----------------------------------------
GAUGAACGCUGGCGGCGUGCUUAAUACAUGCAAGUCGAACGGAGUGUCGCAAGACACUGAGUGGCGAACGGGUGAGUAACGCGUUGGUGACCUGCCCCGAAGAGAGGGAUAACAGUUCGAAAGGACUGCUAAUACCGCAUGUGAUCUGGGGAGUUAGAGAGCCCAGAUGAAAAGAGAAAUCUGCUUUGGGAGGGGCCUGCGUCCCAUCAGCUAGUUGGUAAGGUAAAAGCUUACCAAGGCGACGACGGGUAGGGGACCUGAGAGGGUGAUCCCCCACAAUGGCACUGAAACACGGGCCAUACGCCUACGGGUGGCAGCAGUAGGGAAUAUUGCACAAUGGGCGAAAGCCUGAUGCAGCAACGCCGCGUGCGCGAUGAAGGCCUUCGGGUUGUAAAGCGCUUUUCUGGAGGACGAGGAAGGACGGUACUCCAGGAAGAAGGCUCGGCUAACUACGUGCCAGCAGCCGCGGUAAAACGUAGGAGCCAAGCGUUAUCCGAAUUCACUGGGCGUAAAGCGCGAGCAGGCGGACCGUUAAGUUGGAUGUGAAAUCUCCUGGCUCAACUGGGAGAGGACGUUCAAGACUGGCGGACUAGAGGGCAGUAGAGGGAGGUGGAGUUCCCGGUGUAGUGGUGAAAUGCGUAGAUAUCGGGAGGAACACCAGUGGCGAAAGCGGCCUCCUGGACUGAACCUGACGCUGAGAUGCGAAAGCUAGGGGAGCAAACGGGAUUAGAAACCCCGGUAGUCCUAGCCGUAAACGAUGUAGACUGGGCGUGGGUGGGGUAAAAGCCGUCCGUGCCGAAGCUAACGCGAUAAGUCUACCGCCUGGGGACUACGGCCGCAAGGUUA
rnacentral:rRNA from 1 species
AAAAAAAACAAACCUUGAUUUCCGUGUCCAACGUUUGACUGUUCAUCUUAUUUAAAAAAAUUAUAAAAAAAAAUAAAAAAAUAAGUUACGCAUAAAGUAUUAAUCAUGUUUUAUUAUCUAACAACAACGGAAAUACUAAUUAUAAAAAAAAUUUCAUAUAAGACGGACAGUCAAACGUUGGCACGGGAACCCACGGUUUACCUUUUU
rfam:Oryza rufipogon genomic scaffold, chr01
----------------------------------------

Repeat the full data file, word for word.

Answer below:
GAUGAACGCUGGCGGCGUGCUUAAUACAUGCAAGUCGAACGGAGUGUCGCAAGACACUGAGUGGCGAACGGGUGAGUAACGCGUUGGUGACCUGCCCCGAAGAGAGGGAUAACAGUUCGAAAGGACUGCUAAUACCGCAUGUGAUCUGGGGAGUUAGAGAGCCCAGAUGAAAAGAGAAAUCUGCUUUGGGAGGGGCCUGCGUCCCAUCAGCUAGUUGGUAAGGUAAAAGCUUACCAAGGCGACGACGGGUAGGGGACCUGAGAGGGUGAUCCCCCACAAUGGCACUGAAACACGGGCCAUACGCCUACGGGUGGCAGCAGUAGGGAAUAUUGCACAAUGGGCGAAAGCCUGAUGCAGCAACGCCGCGUGCGCGAUGAAGGCCUUCGGGUUGUAAAGCGCUUUUCUGGAGGACGAGGAAGGACGGUACUCCAGGAAGAAGGCUCGGCUAACUACGUGCCAGCAGCCGCGGUAAAACGUAGGAGCCAAGCGUUAUCCGAAUUCACUGGGCGUAAAGCGCGAGCAGGCGGACCGUUAAGUUGGAUGUGAAAUCUCCUGGCUCAACUGGGAGAGGACGUUCAAGACUGGCGGACUAGAGGGCAGUAGAGGGAGGUGGAGUUCCCGGUGUAGUGGUGAAAUGCGUAGAUAUCGGGAGGAACACCAGUGGCGAAAGCGGCCUCCUGGACUGAACCUGACGCUGAGAUGCGAAAGCUAGGGGAGCAAACGGGAUUAGAAACCCCGGUAGUCCUAGCCGUAAACGAUGUAGACUGGGCGUGGGUGGGGUAAAAGCCGUCCGUGCCGAAGCUAACGCGAUAAGUCUACCGCCUGGGGACUACGGCCGCAAGGUUA
rnacentral:rRNA from 1 species
AAAAAAAACAAACCUUGAUUUCCGUGUCCAACGUUUGACUGUUCAUCUUAUUUAAAAAAAUUAUAAAAAAAAAUAAAAAAAUAAGUUACGCAUAAAGUAUUAAUCAUGUUUUAUUAUCUAACAACAACGGAAAUACUAAUUAUAAAAAAAAUUUCAUAUAAGACGGACAGUCAAACGUUGGCACGGGAACCCACGGUUUACCUUUUU
rfam:Oryza rufipogon genomic scaffold, chr01